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Posts posted by tbree_dVelnahr

  1. I own all three seasons, twice over. I have the uncut version on VHS and the digitally enhanced and remastered version on DVD. The latter is not the version currently being played in syndication with the added and/or changed CGI, but my DVDs are quite crisp and clear and play well on a widescreen HDTV. I'm very pleased. TOS is not only my favorite Trek, it is my only Trek. I'm a TOSer. :blink:

  2. Vulcans have emotions but they are taught from the cradle to supress them. If it were not so, then Sarek suggesting that his "logic is uncertain when it comes to my son" would not have made sense in response to T'Lar's suggetion that what he asked for wasn't logical. (The rite of Fal Tor Pan hadn't been used in centuries and the desired results were therefore uncertain.)


    It is the Discipline of Logic to which Vulcans subscribe. Forcing Spock to display emotions involuntarily was a danger, as expressed by McCoy in "Plato's Stepchildren". Anytime you force a person to do something against their will, depending on the severity and nature of the act, is detrimental. I was surprised to learn that it could kill Spock, but , considering how difficult Spock it just to admit to feelings at all, it isn't outside the realm of possibilities. It could also have been a unique condition to Spock, being half-human, who knows? I do know that such continuity in the later series was lacking on some of these points.


    In "Amok Time" we learn that a Vulcan male has his Logic stripped from him during the Pon farr, something undesireable in their culture. It is the price they pay, according to T'Pau, for their supression of emotions the rest of the time.


    Also, Spock informs us in "The Naked Time" that it must have been difficult for his human mother living in a society where the display of emotion was considered "in poor taste".


    Vulcans feel emotion, they are just judicious as to how, when and if they will display what they are feeling.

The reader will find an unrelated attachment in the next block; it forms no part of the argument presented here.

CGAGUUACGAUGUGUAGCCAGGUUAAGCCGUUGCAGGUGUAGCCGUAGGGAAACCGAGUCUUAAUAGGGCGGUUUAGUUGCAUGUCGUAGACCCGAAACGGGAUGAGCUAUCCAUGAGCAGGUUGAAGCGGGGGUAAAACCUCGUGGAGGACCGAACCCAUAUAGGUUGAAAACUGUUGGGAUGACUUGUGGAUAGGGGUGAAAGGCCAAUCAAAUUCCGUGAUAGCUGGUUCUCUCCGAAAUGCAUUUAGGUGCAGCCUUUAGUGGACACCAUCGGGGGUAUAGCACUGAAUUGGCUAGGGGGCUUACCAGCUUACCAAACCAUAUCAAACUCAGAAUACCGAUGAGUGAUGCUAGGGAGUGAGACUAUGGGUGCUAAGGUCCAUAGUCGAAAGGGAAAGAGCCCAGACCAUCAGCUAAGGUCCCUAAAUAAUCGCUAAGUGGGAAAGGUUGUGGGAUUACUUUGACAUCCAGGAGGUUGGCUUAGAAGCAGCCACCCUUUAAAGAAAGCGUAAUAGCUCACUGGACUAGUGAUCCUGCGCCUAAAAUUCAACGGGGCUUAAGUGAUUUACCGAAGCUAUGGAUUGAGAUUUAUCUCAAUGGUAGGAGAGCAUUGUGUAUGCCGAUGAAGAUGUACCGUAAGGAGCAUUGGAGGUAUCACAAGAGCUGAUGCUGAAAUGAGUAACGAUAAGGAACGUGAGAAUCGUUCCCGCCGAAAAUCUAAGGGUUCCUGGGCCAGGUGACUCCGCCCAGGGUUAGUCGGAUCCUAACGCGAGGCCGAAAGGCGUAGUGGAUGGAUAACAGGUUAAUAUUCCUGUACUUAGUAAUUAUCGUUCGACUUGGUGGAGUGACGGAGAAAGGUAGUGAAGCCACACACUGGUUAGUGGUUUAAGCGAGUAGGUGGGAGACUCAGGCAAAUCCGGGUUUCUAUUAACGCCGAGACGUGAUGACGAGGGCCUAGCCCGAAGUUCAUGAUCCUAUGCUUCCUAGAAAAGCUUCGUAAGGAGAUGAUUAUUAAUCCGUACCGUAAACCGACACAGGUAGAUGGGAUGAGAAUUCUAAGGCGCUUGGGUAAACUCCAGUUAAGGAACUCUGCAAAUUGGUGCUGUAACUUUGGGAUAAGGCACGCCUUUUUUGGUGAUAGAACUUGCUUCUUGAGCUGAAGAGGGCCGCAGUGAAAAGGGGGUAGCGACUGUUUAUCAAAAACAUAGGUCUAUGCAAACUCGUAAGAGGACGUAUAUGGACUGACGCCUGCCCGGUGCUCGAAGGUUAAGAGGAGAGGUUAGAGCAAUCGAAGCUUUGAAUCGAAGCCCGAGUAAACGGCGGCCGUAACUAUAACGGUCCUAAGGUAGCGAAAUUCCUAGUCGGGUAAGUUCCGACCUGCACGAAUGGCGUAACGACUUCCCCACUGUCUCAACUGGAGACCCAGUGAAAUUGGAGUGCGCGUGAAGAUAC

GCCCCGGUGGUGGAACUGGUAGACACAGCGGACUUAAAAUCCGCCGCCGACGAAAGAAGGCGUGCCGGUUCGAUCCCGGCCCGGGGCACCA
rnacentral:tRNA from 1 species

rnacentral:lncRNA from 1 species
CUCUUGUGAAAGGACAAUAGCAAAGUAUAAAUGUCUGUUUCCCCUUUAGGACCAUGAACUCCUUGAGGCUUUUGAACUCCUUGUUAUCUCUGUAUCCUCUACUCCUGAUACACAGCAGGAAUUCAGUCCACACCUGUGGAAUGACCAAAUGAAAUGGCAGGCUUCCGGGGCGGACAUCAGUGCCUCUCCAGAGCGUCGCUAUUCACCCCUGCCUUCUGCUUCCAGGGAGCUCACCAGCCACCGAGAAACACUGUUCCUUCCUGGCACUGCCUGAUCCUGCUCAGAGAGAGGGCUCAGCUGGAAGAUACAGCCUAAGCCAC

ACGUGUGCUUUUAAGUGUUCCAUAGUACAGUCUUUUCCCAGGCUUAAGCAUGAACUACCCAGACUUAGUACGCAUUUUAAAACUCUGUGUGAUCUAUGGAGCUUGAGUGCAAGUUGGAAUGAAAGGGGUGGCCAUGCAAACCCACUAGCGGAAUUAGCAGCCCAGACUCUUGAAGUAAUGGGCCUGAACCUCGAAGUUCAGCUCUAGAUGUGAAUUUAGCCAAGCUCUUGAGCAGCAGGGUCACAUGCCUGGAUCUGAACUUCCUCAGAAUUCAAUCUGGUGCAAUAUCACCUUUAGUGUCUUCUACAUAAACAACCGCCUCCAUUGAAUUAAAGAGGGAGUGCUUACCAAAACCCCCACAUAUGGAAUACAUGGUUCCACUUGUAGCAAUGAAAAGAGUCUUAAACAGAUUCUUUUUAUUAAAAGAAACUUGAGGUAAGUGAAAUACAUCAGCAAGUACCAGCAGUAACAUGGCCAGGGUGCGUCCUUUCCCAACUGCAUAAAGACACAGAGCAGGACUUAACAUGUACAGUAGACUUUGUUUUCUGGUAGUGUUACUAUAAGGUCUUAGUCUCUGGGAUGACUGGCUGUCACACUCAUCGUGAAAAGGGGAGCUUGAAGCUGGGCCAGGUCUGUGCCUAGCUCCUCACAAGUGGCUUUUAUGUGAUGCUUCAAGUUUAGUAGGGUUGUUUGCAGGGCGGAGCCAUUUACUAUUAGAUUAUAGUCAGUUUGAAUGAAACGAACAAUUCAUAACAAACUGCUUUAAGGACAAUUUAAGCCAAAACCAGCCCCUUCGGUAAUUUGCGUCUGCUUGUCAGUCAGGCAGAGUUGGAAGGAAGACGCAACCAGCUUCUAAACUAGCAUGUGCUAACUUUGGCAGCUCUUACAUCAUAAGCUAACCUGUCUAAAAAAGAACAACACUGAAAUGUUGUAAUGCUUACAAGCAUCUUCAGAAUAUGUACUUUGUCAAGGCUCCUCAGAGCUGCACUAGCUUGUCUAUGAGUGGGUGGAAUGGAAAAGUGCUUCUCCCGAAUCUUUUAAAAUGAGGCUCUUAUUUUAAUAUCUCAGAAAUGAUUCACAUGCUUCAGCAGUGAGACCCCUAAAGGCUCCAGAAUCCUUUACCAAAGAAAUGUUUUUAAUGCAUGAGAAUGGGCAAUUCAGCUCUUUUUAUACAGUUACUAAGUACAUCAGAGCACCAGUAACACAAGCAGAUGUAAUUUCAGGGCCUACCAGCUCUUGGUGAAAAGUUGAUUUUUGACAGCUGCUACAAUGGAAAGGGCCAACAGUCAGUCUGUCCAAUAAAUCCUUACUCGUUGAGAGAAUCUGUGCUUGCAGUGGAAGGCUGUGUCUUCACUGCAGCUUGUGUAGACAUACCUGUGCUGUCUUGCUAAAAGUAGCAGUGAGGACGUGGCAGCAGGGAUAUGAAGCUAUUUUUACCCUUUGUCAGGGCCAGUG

Would I like to be that disciplined? No. For a time in my life I no longer was touched by sentimentality. I didn't cry at movies that once would touch my heart. It was awful --- I didn't like myself that way. I prefer to allow myself to feel, but I do try to control my temper, even so, lol. I believe in balance.



  3. George is gay? Hmmm. Well I wonder how all the Christian Star Trek fans will react. I'm bisexual so of course I don't mind at all. I met him once at a convention and he was a nice guy...and funny.



    As a "Christian Star Trek fan" I have to say I reacted just fine to the news. I was surprised, didn't see that one coming, lol, but just because a lifestyle isn't favorably viewed by people of faith, it doesn't mean we don't still love the person! George Takei is a fine actor and he seems like a very likeable human being. I've admired his involvement in politics because rather than taking an "in your face" approach, he's done it with grace and style, something I can respect. I'm glad to learn that at least he is happy.



  4. Actually, at that time in Spock's life he was still very much living in a straight jacket. Trying so very hard to be Vulcan, he was stricter in his Discipline than most full Vulcans ever considered being. He was insecure and not entirely comfortable in his own skin. He had to grow into accepting both sides of his nature, something that only came with time through living with and understanding humans, to his mind meld with V'Ger in the Motion Picture when he realized logic without feelings is void. He finally came to grips with who he is.